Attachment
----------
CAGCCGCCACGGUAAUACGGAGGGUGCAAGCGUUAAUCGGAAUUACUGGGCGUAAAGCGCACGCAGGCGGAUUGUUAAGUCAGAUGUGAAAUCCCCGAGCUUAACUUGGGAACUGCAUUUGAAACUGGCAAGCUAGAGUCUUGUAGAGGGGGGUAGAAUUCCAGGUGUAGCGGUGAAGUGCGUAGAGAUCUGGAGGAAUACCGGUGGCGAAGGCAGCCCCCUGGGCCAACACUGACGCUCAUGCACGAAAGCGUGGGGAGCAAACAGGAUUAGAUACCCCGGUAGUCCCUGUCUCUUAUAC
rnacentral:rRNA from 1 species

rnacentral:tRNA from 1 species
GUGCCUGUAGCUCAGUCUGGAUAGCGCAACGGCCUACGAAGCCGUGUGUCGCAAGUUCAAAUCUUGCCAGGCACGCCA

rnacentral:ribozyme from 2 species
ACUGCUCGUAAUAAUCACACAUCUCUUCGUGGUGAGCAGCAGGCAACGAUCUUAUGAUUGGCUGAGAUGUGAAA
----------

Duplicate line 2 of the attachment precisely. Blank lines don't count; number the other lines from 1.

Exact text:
rnacentral:rRNA from 1 species